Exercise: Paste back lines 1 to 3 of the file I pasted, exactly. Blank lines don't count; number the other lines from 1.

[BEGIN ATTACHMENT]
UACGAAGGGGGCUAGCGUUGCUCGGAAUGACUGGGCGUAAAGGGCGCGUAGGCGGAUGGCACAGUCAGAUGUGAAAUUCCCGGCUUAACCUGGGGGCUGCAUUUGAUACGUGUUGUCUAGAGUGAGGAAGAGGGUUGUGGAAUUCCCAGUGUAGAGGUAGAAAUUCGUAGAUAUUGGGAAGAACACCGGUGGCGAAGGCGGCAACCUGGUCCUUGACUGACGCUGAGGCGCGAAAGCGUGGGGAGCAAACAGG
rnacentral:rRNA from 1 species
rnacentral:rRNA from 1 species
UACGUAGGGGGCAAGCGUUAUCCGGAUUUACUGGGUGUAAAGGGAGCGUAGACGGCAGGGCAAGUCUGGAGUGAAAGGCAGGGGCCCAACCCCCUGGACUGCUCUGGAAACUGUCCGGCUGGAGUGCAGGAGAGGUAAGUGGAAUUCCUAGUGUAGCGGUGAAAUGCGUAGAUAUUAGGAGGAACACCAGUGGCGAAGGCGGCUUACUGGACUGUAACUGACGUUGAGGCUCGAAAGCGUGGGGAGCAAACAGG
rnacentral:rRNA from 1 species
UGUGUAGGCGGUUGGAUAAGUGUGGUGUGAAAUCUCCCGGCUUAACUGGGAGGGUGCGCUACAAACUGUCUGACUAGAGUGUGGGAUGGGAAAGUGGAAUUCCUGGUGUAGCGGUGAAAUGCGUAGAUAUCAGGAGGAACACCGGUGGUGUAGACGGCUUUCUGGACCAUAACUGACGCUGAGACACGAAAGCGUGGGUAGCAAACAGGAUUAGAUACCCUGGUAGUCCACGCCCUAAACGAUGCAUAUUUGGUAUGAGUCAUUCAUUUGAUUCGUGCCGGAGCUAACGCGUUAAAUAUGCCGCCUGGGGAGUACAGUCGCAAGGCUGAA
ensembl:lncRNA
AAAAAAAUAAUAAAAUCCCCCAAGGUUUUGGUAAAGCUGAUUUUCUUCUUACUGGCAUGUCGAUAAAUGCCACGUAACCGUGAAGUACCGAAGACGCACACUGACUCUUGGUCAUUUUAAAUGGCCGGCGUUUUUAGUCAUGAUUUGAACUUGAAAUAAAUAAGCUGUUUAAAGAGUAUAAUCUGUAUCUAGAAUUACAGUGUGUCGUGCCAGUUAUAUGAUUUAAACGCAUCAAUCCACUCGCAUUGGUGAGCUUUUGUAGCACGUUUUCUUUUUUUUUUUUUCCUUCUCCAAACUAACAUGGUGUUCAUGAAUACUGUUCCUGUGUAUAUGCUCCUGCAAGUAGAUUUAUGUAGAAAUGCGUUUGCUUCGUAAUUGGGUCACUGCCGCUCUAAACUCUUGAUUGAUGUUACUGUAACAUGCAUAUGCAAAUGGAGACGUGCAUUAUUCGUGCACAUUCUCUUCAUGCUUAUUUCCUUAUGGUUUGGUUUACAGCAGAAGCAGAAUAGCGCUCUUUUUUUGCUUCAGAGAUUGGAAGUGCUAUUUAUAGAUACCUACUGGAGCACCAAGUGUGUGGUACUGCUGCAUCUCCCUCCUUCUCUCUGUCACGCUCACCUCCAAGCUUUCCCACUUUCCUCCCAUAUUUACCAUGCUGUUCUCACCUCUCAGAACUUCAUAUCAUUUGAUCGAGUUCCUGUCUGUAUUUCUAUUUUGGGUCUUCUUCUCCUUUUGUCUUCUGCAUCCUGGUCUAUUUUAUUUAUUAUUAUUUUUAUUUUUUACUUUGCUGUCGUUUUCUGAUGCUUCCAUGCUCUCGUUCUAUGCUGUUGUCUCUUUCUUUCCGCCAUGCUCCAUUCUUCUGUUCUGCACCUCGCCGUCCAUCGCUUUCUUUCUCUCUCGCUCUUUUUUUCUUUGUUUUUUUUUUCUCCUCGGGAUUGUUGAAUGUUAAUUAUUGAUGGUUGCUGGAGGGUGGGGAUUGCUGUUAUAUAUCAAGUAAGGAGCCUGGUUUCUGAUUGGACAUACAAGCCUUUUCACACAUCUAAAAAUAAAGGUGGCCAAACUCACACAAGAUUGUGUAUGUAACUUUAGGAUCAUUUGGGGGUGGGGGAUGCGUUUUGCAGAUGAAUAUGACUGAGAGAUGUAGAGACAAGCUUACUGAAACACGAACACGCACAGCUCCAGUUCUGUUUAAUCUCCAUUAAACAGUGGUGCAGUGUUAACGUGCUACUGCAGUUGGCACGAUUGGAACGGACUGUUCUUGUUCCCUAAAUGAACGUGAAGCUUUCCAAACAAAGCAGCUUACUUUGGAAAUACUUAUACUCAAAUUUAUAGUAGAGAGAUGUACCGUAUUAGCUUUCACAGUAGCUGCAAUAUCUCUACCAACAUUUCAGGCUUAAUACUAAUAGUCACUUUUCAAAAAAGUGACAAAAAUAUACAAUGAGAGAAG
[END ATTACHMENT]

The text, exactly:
UACGAAGGGGGCUAGCGUUGCUCGGAAUGACUGGGCGUAAAGGGCGCGUAGGCGGAUGGCACAGUCAGAUGUGAAAUUCCCGGCUUAACCUGGGGGCUGCAUUUGAUACGUGUUGUCUAGAGUGAGGAAGAGGGUUGUGGAAUUCCCAGUGUAGAGGUAGAAAUUCGUAGAUAUUGGGAAGAACACCGGUGGCGAAGGCGGCAACCUGGUCCUUGACUGACGCUGAGGCGCGAAAGCGUGGGGAGCAAACAGG
rnacentral:rRNA from 1 species
rnacentral:rRNA from 1 species